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Tomato Frequently Asked Questions

What is that black spot on the bottom of my tomatoes?
That black spot is called “Blossom End Rot”. It develops on the “blossom end” of the tomato (or squash or pepper) opposite the stem.
Is the fruit okay to eat?
Affected fruit can still be eaten, just cut off the black part. There is nothing harmful about the fruit, they just didn’t develop properly.
Do I need to start over?
Good news, your plants are fine -­ they are not diseased and this is easily remedied. Blossom End Rot is usually more prevalent on the first fruit that appears and future fruit is sometimes okay even if the plant is not treated. It usually develops from rapid plant growth, extreme temperature differences, soil becoming dry or a lack of calcium when the first fruit is setting. This year we have found that some customers experiencing excessive rain fall have had a problem with Blossom End Rot.
How Do I Treat For Blossom End Rot?

A real easy way to treat this is to mix one cup of hydrated lime (powder) to a gallon of water and add it to the water well. You can find hydrated lime at most garden or hardware stores. You will only need to do this once – and any fruit that begins to develop after just a few days will be fine. Don’t overdo it though – adding too much lime will burn your plants.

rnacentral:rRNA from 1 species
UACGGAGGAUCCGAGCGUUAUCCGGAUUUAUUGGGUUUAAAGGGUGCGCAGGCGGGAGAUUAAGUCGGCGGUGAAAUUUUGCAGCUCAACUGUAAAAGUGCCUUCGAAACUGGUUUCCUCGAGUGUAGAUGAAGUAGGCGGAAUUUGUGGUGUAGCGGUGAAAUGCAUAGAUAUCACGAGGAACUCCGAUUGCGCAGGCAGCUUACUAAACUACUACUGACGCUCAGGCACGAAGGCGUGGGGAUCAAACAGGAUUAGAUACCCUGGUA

Another easy way to treat this from the start is to order our specially formulated organic soil sweetener and blossom end rot block.

This should take care of it and you should still be enjoying your share of tomatoes this season.

My Tomato Blossoms Aren't Setting Into Tomatoes, What Can I do?
This is usually either caused by night time temperatures not going below 70 degrees, or a lack of pollination. To help blossoms pollinate, gently shake your tomato plant or use a child’s paint brush to move pollen form one blossom to the next. By imitating the work usually done by bees and the wind, you should begin seeing fruit in no time. You can also find a product at most garden centers called Blossom Set.
How Do I Support The Tomato Plants?

You can use support stakes outside The Garden Patch™ as you would in a typical ground garden. You can put stakes into The Garden Patch™, right next to the tomato plants when they were about a foot tall and that will work just fine. Also, you can use tomato cages stuck right into The Garden Patch™ or you can put 1/4″ stakes directly into the 4 stake receptacles located in each corner of The Garden Patch.

You can also order our GrowBox Support Cage that is specially designed to work with your Garden Patch GrowBox.

Whichever method you choose, The Garden Patch™ will produce the best plants you’ve ever had with the best tasting ‘maters possible.

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